Peer-to-Peer Monitoring

Camino Verde’s Peer-to-Peer Monitoring in Guerrero

Herminio Mejía Mozo, facilitator, and two CIET researchers interview an Acapulco brigadista during the peer-to-peer monitoring carried out in August 2011.

Peer-monitoring involved visits from facilitators and brigadistas of one community to another. It has two parts.

Most significant change

The first part was an exercise to ask participants to identify the most significant change they have observed since the intervention began. In each intervention site, facilitators from another site interviewed members of a sample of households reached by the project, a sample of brigadistas and the site facilitator. The visiting facilitators asked what changes they had perceived in their homes and their community as a result of the project. If the interviewees mentioned more than one change, they were asked which one they considered to be most important and why. The process was coordinated by CIET staff not otherwise involved with the trial.

The question about any change derives from a technique which seeks to determine the “Most Significant Change” (MSC) perceived by different project participants (Dart J, Davies R.. A dialogical, story-based evaluation tool. American Journal of Evaluation 2003, 24(2), 137-155). The technique interested us because it can be put to use quickly and cheaply, can be applied to a complex project, focuses on social change from the actors’ perspective, and helps to sharpen capacities for evaluation and reflection at different operational levels of the intervention (brigadistas, facilitators, local administrators and researchers responsible for the project).

In a pilot MSC round interviews were analysed at three different levels. First, facilitators read all the narrations and selected those which they found to contain the most important changes. Then, six CIET members (three of them involved in the dengue project, and three others who were not active participants), read the narrations chosen at the first level and narrowed down the selection. Finally, a group of people who did not belong to CIET’s group in Mexico, but who worked or collaborate with CIET, analysed the narratives selected at the second level. In this case, the group considered that it was not possible to choose one particular testimony without leaving out changes that were important to the project; therefore, they decided to produce a synthetic report based on all the narrations selected at the second level. These testimonies allowed the Camino Verde dynamics and their impact on the communities to be appreciated from the perspectives of the project’s various protagonists.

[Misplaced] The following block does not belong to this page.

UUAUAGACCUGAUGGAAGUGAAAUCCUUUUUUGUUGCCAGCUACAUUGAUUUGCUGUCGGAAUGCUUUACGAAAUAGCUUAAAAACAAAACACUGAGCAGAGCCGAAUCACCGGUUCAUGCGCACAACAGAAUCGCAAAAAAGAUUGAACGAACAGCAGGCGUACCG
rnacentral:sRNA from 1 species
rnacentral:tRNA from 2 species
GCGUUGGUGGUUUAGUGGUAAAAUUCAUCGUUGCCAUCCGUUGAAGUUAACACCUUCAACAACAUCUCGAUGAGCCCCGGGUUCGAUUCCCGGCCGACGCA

Monitoring for the presence of mosquito larvas and pupas

In a second round of monitoring the MSC process was combined with peer monitoring of water receptacles in the households for the presence of mosquito larvas and pupas.

The visiting brigadistas ask seven questions:

  1. Have you been visited by a Camino Verde brigadista?
  2. When was the last time they visited?
  3. Did the brigadista find any larvas or pupas in your household on their last visit?
  4. What changes have you seen since the Camino Verde brigadistas have become active in this community?
  5. Among the changes that you mentioned [read them aloud], which one do you think is the most important?
  6. Why is it the most important?
  7. Do you have any recommendations for the Camino Verde brigadistas that would improve their work?

Then the visiting brigadistas conducted their own check of the household for the presence of mosquito larvas or pupas and note the results.

At the end of the same day the visiting brigadistas met with the neighborhood’s leaders and Camino Verde brigade to provide feedback on:

  • the physical evident of what they found and where it was found
  • the recommendations given by the householders for their SEPA brigade.